RICHMOND, Va. (WRIC) — A bill that would have reduced penalties for possessing psilocybin, the key ingredient in “magic mushrooms,” died in the Virginia House on Tuesday.
The bill initially passed with bipartisan support in the Virginia Senate. It would have also established a Virginia psilocybin advisory board and a plan for therapeutic access. Possession of psilocybin in Virginia remains punishable by up to 10 years in prison and a possible $2,500 fine.
Psilocybin is the psychoactive ingredient that gives “magic mushrooms” their hallucinogenic effects.
Psilocybin is a Schedule I drug under the federal Controlled Substances Act, meaning the federal government considers it to be of no medicinal value and highly addictive. The latest act proposed that this categorization be changed to a Schedule III substance, which is defined as drugs with a moderate to low potential for physical and psychological dependence.
Studies by Johns Hopkins Medicine researchers have shown psychedelic treatment with psilocybin relieved major depressive disorder symptoms in adults for up to a month. Researchers also reported in a follow-up study that “the substantial antidepressant effects of psilocybin-assisted therapy, given with supportive psychotherapy, may last at least a year for some patients.”
Similarly, scientists from Imperial College London’s Centre for Psychedelic Research discovered that psilocybin was as effective as the conventional antidepressant. They came to this conclusion after studying 59 participants who were either given psilocybin or a selective serotonin reuptake inhibitor, which is a common antidepressant.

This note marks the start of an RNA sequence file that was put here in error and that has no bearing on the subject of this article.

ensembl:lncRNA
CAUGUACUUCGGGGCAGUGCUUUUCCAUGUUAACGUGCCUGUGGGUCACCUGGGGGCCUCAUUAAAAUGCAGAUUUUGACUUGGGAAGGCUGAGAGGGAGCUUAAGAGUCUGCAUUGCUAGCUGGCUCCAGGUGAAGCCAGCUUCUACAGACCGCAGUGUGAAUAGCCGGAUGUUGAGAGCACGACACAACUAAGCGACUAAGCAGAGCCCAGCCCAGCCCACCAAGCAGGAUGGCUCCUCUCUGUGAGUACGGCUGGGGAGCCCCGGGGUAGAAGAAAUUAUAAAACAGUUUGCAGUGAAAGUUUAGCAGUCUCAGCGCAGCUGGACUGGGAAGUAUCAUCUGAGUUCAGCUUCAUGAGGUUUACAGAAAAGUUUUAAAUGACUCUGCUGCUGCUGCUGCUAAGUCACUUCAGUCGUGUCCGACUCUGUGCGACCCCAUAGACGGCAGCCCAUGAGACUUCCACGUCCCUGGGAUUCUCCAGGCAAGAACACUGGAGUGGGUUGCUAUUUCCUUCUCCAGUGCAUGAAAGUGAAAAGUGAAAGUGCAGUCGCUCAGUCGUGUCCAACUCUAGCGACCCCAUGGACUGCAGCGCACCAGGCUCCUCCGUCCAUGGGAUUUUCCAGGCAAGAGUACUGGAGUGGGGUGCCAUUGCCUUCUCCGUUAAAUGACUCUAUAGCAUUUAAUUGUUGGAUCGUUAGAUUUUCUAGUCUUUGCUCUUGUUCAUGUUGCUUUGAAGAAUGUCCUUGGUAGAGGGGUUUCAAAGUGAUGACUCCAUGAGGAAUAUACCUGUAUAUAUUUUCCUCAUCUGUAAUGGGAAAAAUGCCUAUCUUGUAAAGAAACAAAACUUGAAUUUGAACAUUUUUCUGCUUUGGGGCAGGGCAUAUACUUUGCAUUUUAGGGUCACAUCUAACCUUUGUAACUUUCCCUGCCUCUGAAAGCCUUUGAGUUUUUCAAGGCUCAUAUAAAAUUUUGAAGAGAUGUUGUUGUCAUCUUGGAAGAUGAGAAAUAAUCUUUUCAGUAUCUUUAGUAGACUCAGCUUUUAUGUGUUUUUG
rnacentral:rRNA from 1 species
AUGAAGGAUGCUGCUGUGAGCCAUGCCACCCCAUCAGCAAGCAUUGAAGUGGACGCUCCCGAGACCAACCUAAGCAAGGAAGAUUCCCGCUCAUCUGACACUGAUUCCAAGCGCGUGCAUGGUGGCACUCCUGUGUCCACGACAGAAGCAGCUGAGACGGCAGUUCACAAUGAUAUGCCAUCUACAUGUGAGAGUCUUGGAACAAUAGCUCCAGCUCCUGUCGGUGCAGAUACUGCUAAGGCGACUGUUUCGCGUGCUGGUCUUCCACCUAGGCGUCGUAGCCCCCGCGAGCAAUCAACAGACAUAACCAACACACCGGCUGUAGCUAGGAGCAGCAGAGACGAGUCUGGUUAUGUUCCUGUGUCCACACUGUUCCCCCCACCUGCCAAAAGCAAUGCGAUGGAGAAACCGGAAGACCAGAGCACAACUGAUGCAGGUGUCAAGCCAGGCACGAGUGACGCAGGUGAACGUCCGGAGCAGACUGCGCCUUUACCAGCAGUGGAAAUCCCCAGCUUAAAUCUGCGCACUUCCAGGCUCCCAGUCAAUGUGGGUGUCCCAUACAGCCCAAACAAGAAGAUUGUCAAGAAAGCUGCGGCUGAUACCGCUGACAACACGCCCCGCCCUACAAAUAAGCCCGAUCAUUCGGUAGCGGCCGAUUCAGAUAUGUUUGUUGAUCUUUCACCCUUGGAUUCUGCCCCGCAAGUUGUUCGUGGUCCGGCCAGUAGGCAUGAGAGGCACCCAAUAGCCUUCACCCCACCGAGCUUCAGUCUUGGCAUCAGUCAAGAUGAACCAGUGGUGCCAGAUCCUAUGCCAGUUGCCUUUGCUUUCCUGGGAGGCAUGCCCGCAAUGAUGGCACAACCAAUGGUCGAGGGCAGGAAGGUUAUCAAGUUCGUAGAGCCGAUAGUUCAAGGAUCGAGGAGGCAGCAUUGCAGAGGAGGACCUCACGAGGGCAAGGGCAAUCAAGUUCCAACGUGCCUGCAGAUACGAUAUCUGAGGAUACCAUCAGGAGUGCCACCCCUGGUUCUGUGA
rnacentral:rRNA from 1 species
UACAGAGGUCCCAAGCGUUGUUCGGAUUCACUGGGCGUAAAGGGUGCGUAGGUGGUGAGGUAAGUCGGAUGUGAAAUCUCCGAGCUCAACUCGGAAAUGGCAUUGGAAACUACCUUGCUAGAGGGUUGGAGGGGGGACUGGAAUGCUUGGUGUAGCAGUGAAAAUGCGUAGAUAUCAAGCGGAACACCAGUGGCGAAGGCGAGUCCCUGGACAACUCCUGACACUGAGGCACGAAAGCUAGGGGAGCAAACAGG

Previously, a push to decriminalize psilocybin failed in the 2022 Virginia General Assembly session. The Virginia Senate Judiciary Committee killed a bill at the end of January that would have ended felony possession penalties for psilocybin for people 21 years and older, a week after a House subcommittee agreed to table the effort until this year.
The most recent bill, SB 932, was introduced by state Sens. Ghazala Hashmi (D-Chesterfield) and Jennifer Boysko (D-Loudoun). The 40-member chamber voted 25-15 to pass the measure that moved to the House. The bill was tabled in the House Rules Committee with a 13-5 vote.